The Hanse Crossover Sail

Hanse Crossover Sail

Sept 6, 2016

The Hanse CROSSOVER SAIL was developed by Elvstrøm specifically for Hanse yachts. It has an asymmetrical cut and consists of lightweight CZ laminate.

The Hanse CROSSOVER SAIL is thereby very easy to handle. The sail is delivered with its own forestay and integrated furling system with which it can be installed and rolled out in no time. It is being fixed to the anchor fitting and the gennaker halyard and sailed via any winch in the cockpit. It can remain attached as a second forestay. This creates a unique opportunity to enjoy exciting downwind courses without having to set and take down the sail. Hanse thus fulfills its promise – Fast Cruising and Easy Sailing, on every course!

The highlight of the Hanse CROSSOVER SAIL is the large application range, which extends from 65 to 135 degrees to the wind. The new sail is stowed in a specially designed sail bag on the foredeck.

The size of the Hanse CROSSOVER SAIL depends on the model and is about twice the size of the self-tacking jib. On a Hanse 455, this means – 44 m² self-tacking jib with 92.6 m² Hanse CROSSOVER SAIL. This sail size is particularly recommended for light winds and accelerates the Hanse to unimaginable speeds. Thus, it is also a green alternative to the engine and protects the environment with each nautical mile sailed.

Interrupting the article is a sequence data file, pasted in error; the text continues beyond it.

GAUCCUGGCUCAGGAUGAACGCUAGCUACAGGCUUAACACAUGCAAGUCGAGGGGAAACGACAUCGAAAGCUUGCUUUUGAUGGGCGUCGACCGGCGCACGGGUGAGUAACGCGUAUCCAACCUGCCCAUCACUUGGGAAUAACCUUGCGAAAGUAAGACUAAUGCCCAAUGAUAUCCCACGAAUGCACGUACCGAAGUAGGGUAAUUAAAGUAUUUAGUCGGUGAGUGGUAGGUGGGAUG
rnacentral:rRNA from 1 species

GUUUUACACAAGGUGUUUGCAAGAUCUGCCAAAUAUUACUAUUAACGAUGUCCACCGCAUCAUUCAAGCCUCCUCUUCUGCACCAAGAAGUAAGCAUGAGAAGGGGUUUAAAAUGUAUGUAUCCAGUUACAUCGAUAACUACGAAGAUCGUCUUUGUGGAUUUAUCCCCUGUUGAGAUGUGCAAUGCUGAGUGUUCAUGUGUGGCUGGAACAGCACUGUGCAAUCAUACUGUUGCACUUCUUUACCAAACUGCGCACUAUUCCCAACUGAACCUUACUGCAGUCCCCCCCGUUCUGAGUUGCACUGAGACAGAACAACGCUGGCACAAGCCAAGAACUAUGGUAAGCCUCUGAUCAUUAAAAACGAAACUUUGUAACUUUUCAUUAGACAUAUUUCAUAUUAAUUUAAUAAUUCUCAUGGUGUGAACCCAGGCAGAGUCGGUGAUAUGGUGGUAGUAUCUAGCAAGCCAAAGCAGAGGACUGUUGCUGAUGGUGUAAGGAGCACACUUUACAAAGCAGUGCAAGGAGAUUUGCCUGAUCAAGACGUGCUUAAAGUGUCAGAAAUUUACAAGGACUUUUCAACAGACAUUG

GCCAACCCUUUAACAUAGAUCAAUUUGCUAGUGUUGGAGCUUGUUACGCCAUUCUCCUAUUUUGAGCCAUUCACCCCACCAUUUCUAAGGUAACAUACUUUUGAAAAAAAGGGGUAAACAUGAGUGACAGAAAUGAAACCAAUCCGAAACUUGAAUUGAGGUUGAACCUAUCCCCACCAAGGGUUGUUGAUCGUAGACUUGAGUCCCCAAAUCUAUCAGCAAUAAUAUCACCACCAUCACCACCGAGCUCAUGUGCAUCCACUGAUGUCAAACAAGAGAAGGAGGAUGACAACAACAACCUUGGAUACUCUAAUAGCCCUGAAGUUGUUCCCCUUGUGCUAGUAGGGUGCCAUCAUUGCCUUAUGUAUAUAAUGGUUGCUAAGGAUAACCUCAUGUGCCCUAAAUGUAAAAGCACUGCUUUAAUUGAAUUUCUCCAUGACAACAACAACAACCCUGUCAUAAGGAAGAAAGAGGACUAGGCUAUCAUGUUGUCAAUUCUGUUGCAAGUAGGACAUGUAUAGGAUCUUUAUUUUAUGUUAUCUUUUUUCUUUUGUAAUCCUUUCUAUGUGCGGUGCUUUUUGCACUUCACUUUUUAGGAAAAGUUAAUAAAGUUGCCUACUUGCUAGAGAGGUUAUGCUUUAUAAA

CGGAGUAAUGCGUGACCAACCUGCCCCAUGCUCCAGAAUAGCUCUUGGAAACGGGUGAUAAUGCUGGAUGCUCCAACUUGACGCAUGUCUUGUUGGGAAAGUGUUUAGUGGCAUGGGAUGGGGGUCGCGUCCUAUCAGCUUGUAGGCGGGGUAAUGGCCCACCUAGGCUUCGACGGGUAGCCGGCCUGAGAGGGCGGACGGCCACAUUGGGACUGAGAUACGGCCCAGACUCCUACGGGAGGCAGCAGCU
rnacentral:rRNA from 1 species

The new Hanse CROSSOVER SAIL is available for both new as well as delivered Hanse yachts.

 

Related Articles


New Boats: Beneteau Oceanis 34.1 – A Sleek, Good -Looking Delight To Sail

By Katherine Stone

There is nothing more that I enjoy than being with friends and messing about in boats. Messing about in brand-new boats on a champagne sailing day on Lake Ontario at the beginning of the summer doesn’t get any better. To have the new owner, Helmuth Strobel and Anchor Yachts dealer Pancho Jimenez aboard made it even more special, as they can also speak to what they truly enjoy about the boat. We keep our own boat in a harbour that has a long waiting list for boats over 35 feet, so this little gem would definitely fit the bill and feels like a much bigger boat. True to the spirit of the 7th generation Oceanis line, the 34.1 is built in Poland and replaces the 35.1. It is 1,000 lbs lighter, 14 cm narrower and has 29% more sail area.

Read More


Destinations

Telegraph Cove—from Resource Community to Tourist Delight

Text and photos by Marianne Scott

Telegraph Cove is a small indent situated on Johnstone Strait in the Salish Sea, 15nm southeast of Port McNeill and near Robson Bight, famous for its orca-rubbing beaches. The village has experienced many iterations with a long history—the harbour once served as a summer camp for the Kwakwaka’wakw who fished and hunted here beginning about 8,000 years ago. Many of their descendants still live in the area.

It’s a hopping place in the summer—winter only caretakers remain on site.

Read More